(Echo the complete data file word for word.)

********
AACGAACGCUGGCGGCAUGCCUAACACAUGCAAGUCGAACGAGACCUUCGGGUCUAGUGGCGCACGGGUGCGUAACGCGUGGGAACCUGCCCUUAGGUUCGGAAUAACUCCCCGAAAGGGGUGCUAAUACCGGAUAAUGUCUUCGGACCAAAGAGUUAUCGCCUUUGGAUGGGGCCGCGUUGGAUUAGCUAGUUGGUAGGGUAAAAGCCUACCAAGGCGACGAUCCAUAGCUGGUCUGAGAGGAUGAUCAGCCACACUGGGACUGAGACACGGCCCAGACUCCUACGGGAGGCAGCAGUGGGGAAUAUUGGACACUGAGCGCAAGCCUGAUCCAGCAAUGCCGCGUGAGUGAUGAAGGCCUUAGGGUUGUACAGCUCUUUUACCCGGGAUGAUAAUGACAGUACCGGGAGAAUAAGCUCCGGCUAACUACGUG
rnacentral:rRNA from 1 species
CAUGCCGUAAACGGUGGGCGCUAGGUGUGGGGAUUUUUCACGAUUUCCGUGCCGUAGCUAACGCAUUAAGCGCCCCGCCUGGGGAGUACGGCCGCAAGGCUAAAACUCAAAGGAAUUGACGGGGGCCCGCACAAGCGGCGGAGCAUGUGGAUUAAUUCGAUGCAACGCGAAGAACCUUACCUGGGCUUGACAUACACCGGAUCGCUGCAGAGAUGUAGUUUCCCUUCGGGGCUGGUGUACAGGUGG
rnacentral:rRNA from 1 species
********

AACGAACGCUGGCGGCAUGCCUAACACAUGCAAGUCGAACGAGACCUUCGGGUCUAGUGGCGCACGGGUGCGUAACGCGUGGGAACCUGCCCUUAGGUUCGGAAUAACUCCCCGAAAGGGGUGCUAAUACCGGAUAAUGUCUUCGGACCAAAGAGUUAUCGCCUUUGGAUGGGGCCGCGUUGGAUUAGCUAGUUGGUAGGGUAAAAGCCUACCAAGGCGACGAUCCAUAGCUGGUCUGAGAGGAUGAUCAGCCACACUGGGACUGAGACACGGCCCAGACUCCUACGGGAGGCAGCAGUGGGGAAUAUUGGACACUGAGCGCAAGCCUGAUCCAGCAAUGCCGCGUGAGUGAUGAAGGCCUUAGGGUUGUACAGCUCUUUUACCCGGGAUGAUAAUGACAGUACCGGGAGAAUAAGCUCCGGCUAACUACGUG
rnacentral:rRNA from 1 species
CAUGCCGUAAACGGUGGGCGCUAGGUGUGGGGAUUUUUCACGAUUUCCGUGCCGUAGCUAACGCAUUAAGCGCCCCGCCUGGGGAGUACGGCCGCAAGGCUAAAACUCAAAGGAAUUGACGGGGGCCCGCACAAGCGGCGGAGCAUGUGGAUUAAUUCGAUGCAACGCGAAGAACCUUACCUGGGCUUGACAUACACCGGAUCGCUGCAGAGAUGUAGUUUCCCUUCGGGGCUGGUGUACAGGUGG
rnacentral:rRNA from 1 species